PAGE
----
July 24, 2024


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Song of the day for January 21, 2024

2 min read
"Take My Breath Away" by Berlin, featured in the Top Gun soundtrack, reached No.1 on UK & US charts in 1986. It won Best Original Song at the 59th Academy Awards. Despite band disagreements, it became Berlin's biggest hit, featured on multiple albums. ShortList's Dave Fawbert hailed it for containing one of the greatest key changes in music history.

Today’s song is from the Top Gun Soundtrack. Take My Breath Away by Berlin.

Rob Brill, was born on this day in 1956, is the drummer from American new wave band Berlin, who scored the 1986 UK & US No.1 single ‘Take My Breath Away’

“Take My Breath Away” was the second single from the Top Gun soundtrack album, following Kenny Loggins’ “Danger Zone”, and was released in 1986 as a split single alongside the song “Radar Radio”, performed by Moroder featuring Joe Pizzulo.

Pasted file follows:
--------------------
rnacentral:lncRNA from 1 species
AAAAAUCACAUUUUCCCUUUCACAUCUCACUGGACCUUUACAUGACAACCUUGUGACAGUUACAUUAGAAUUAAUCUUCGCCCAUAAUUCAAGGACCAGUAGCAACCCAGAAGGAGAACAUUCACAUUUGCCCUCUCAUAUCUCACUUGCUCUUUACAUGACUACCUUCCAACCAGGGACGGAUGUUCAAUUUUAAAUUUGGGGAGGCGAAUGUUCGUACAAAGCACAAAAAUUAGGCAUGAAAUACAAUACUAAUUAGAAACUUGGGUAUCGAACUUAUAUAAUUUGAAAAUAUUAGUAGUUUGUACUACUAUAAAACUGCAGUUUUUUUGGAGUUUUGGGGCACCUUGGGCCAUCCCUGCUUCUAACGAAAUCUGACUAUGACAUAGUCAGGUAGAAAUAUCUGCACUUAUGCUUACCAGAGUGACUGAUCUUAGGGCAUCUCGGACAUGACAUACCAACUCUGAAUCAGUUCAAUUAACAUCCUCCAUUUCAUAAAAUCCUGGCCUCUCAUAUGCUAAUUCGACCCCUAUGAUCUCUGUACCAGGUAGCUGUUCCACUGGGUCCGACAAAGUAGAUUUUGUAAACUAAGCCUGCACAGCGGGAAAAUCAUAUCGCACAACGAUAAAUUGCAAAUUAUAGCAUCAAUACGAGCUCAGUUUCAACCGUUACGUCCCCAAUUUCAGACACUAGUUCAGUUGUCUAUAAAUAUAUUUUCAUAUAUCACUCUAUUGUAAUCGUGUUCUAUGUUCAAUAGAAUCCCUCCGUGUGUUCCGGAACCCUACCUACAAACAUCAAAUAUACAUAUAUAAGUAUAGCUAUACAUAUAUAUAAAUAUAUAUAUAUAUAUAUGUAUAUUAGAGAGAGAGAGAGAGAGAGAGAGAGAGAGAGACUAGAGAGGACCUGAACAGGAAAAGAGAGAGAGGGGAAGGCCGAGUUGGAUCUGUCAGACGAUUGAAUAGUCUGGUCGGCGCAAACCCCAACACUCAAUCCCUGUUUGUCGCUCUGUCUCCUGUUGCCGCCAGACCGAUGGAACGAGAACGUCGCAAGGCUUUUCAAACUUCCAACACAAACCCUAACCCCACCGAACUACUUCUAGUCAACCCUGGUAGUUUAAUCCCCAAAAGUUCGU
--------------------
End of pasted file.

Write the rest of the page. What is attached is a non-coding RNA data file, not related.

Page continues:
The song peaked at number one on the Billboard Hot 100, and topped the charts in the United Kingdom, the Netherlands, Ireland and Belgium. It later went on to win Best Original Song at the 59th Academy Awards.

“Take My Breath Away” is available on both the original Top Gun soundtrack album and the expanded edition. The song was also featured on Berlin’s fourth studio album, Count Three & Pray and, as the band’s biggest hit, on several of the band’s compilation albums: Best of Berlin 1979–1988, Master Series, Greatest Hits Remixed (which includes a “Mission UK Remix” version), Live: Sacred & Profane, and Metro Greatest Hits. “Take My Breath Away” was one of the few songs not written by Berlin’s John Crawford that they had performed on any album up to that point. Following the release of “Take My Breath Away”, the band split over different points of view regarding the track: while Nunn viewed it as an opportunity that allowed the band to perform worldwide, Crawford disliked it as it had not been written or composed by any of them. He later said: “None of us had ever heard it. None of us had anything to do with it. I didn’t play on it. Nobody played on it. No one wrote it”.

In 2017, ShortList’s Dave Fawbert listed the song as containing “one of the greatest key changes in music history.”

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